Many requestors do not have excess to the required documents, whether it is because the documents have been lost, or their ancestor did not keep them. The good news is that this is not the end of the line. By reaching out to relevant archives in Germany it is possible to find the relevant documentation to prove eligibility.
It is important to know that the search in the archives is done manually since the archives in Germany are yet to be digitized. Therefore, the search duration can be from one month up to a year, but if you don’t have the documentation it is a crucial step in the process.
Preparing the requests
To obtain German citizenship for Jews it is required to submit the requests in German, along with translated documentation from the origin country. Documents such as birth certificates or marriage certificates need to be collected and then translated by a certified notary.
Once translated, the documents will have to be stamped with an apostille, according to The Hague Convention that Germany is a part of.
The next step is to submit the requests with all of the gathered documentation to the Department of Citizenship in Cologne, Germany. From this point, the average time it takes to get a response is about 2-3 years.
Getting the German passport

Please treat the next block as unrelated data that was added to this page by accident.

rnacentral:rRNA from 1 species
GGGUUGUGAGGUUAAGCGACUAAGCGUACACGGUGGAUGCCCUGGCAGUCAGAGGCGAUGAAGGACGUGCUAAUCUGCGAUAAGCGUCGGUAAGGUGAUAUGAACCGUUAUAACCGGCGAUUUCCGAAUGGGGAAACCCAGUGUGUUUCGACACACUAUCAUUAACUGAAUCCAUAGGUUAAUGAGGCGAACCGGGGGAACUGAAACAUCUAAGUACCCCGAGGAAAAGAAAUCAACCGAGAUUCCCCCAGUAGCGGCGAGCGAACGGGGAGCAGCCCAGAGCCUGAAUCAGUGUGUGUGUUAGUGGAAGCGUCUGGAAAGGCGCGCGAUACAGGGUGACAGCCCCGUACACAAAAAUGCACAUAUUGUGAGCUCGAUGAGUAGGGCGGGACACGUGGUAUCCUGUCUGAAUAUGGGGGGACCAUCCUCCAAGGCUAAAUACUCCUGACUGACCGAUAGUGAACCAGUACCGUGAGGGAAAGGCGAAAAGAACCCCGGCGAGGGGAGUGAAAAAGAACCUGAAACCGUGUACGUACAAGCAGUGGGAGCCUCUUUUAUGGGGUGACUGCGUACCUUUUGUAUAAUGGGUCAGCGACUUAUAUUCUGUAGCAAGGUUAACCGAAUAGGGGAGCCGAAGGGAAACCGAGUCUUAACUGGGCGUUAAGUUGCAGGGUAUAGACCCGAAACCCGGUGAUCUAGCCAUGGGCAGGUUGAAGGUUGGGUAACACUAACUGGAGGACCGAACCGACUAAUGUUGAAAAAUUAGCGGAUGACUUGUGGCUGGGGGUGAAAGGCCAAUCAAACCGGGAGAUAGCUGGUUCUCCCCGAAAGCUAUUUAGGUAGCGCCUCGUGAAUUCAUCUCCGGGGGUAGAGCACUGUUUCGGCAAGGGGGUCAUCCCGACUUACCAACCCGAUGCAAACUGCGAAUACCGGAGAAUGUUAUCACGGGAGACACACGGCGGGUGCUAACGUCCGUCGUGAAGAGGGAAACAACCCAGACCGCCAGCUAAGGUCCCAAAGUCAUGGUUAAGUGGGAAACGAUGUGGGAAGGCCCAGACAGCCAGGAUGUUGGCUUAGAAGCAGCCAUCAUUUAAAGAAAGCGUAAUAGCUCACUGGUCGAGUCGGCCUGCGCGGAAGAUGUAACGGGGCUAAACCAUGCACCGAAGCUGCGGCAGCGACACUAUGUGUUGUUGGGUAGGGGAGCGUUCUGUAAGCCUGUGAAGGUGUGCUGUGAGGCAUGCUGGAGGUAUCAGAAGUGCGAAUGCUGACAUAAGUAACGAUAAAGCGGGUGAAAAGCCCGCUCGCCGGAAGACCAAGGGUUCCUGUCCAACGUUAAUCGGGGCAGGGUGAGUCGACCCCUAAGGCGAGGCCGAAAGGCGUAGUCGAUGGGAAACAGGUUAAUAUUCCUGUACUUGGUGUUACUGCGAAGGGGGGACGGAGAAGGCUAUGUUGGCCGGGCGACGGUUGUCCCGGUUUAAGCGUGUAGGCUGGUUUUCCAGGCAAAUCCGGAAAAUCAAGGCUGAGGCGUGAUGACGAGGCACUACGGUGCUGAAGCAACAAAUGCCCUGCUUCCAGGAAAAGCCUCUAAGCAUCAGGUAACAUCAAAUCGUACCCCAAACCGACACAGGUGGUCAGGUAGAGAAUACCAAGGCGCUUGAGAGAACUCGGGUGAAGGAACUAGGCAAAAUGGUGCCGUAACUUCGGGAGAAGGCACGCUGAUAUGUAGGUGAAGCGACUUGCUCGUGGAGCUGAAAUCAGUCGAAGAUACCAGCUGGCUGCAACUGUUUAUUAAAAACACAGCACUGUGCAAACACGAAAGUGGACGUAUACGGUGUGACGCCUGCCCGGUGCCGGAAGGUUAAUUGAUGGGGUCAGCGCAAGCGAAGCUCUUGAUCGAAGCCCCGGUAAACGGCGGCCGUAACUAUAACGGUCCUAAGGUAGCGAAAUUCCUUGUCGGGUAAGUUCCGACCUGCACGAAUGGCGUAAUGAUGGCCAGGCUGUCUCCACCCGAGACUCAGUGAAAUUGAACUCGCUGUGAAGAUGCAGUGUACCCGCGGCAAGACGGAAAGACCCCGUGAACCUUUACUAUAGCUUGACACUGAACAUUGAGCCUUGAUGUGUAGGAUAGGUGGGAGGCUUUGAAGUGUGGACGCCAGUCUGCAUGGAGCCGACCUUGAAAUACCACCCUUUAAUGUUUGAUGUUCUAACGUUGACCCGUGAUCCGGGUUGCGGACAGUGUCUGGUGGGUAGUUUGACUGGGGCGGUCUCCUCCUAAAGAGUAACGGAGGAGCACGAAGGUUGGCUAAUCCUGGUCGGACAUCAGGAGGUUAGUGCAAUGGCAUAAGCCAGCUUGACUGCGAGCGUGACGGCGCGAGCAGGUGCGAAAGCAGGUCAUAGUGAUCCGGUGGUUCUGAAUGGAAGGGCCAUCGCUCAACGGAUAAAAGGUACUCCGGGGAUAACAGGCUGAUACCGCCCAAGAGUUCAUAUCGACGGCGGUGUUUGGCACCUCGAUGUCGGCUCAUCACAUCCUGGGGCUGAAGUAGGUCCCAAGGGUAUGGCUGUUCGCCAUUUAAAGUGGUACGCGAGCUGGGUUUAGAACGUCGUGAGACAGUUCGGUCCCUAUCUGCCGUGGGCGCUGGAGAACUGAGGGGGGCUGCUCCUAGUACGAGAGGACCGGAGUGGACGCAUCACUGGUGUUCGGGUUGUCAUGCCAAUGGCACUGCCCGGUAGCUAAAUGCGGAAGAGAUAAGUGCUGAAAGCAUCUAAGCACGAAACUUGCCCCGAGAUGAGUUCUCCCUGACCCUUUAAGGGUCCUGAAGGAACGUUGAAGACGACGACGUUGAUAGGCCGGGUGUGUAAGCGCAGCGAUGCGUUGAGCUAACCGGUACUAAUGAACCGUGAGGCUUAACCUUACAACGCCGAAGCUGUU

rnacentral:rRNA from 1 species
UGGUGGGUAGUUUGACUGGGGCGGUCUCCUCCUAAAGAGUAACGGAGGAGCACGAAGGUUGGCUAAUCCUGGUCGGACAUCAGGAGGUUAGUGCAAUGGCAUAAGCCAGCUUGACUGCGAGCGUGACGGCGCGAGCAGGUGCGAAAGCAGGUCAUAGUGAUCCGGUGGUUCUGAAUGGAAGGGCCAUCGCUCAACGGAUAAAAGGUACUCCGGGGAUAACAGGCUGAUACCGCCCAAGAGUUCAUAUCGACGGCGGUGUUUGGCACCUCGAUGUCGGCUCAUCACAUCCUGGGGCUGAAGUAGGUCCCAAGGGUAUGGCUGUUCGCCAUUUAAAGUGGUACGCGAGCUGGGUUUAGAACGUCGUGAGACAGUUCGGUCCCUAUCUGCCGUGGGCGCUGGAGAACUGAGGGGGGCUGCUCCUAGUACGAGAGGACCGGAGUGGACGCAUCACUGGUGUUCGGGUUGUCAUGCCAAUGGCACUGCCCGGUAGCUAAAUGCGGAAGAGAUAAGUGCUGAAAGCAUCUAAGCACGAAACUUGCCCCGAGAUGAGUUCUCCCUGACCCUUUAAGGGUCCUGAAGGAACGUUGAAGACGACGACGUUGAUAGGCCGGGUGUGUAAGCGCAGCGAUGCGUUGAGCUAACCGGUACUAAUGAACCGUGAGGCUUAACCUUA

It is important to understand that the request process grants the requestors a naturalization certificate and not a passport. Once the requests are approved, the requestors will be asked to schedule an appointment in the German embassy in their origin country. During the appointment, they will be granted the naturalization certificate, which states they are now German citizens.
After receiving the certificate, the requestors can book an appointment to issue a passport with the German embassy. Appointment bookings can be made through the embassy’s website.
Why you should get a German passport?
The German passport is one of the most powerful passports in the world, ranked in second place, allowing those who hold it to travel to 190 countries without a visa.
Since Germany is part of the European Union, the passport also allows living, working, and studying in any of the 27 countries in the union such as Portugal, Italy, and Spain, with no limitations.
German citizenship allows individuals to study in Germany at a subsidized cost, and sometimes even study completely for free.
As you can see, even if you are not planning to move to Germany or any other country in the European Union, there are still great benefits you can enjoy by holding a German passport.
German passport for Jews – Don’t miss out on the opportunity
The option of obtaining a German passport, without having to study the German language or giving up on another citizenship, is a right reserved only for Jews, whose families were affected by the despicable Nazi regime. This opportunity is unique and highly beneficial.
If you are interested in using this opportunity while it’s still available, it’s better to act now, since there is no telling how much longer the German government will grant these rights to Jews.
Our offices located in Jerusalem and Tel Aviv, have helped countless descendants to get the citizenship they rightfully deserve. If you are eligible, you can too enjoy this privilege by submitting a request for German citizenship.
We make sure that the request process is as hassle-free as possible for our clients, gathering all of the required paperwork for our clients, so they can enjoy a streamlined process. If you are interested in acquiring German citizenship, feel free to contact us, and we will be happy to assist you.